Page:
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By Moore R. L.

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Additional info for An Extension of the Theorem That No Countable Point Set Is Perfect

Example text

These problems reflect the assumption that selection alone explains the feature of interest (Gould and Lewontin 1979). But even if a general skep­ ticism about optimization is not justified, these models contributed little to the debate about the etiology of NoRs that emerged in the 1980s. Plasticity as a By-product of Selection As Via (1994) noted, when Bradshaw published his review in 1965, “there were no population genetic models for the evolution of quantitative traits under natural selec­ tion, even in single environments” (p.

Each organism is plastic in at least some traits—typically in many traits—and almost all traits are plastic in at least some organ­ isms. Plasticity is thus pervasive and exists in many different forms. The only thing that all plasticities have in common is that the phenotype is induced by the environment; in other words, the environment acts as a cue to form the phenotype. Two different processes, described by Smith-Gill (1983), may be involved in plasticity. Phenotypic modulation is the simple case.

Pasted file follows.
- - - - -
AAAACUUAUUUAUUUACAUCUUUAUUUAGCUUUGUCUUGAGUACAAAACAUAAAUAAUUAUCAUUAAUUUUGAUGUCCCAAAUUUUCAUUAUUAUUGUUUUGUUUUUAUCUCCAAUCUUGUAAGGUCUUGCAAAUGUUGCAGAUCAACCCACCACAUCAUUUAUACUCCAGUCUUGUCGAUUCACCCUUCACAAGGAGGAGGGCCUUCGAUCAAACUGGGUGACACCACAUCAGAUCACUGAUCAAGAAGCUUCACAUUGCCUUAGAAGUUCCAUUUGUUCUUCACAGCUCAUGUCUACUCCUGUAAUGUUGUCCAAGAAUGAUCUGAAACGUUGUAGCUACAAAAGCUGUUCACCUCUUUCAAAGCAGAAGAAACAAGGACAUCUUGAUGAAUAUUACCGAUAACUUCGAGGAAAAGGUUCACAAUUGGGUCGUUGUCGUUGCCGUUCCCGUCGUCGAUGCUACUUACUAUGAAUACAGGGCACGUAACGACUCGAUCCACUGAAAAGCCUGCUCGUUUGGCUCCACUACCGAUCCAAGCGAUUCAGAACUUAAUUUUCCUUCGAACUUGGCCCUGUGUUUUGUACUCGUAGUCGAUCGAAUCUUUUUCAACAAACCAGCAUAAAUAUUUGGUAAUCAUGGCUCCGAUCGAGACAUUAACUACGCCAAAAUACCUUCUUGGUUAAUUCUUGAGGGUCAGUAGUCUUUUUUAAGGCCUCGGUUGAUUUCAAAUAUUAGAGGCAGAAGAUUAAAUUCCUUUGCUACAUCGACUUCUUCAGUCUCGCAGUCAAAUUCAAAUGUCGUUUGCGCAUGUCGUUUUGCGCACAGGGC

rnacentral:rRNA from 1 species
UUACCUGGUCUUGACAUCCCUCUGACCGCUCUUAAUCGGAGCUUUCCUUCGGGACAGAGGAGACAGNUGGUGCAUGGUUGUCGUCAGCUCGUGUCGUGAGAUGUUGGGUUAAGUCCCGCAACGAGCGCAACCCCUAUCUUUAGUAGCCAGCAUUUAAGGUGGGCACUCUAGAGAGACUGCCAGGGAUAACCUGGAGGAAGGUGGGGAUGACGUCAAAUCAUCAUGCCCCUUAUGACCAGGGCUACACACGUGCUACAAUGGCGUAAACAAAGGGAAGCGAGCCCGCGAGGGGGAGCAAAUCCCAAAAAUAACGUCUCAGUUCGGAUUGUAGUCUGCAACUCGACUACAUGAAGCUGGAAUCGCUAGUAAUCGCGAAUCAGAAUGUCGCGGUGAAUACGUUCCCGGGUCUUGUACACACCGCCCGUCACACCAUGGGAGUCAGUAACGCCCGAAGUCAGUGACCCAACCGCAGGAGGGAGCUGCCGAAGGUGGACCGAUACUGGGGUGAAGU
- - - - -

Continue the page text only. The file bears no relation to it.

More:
The use of rG values is known as the character state approach. An alternative, function approach is based on the idea that a plastic phenotype can be seen as a function of the environment. In this approach, one typically estimates genetic parameters for a function describing continuous reaction norms. One can, for example, estimate the heritability for the slope in case of linear reaction norms, as an estimate of the heritability of plasticity (Scheiner and Lyman 1989). 2 for a simu­ lated example).

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An Extension of the Theorem That No Countable Point Set Is Perfect by Moore R. L.


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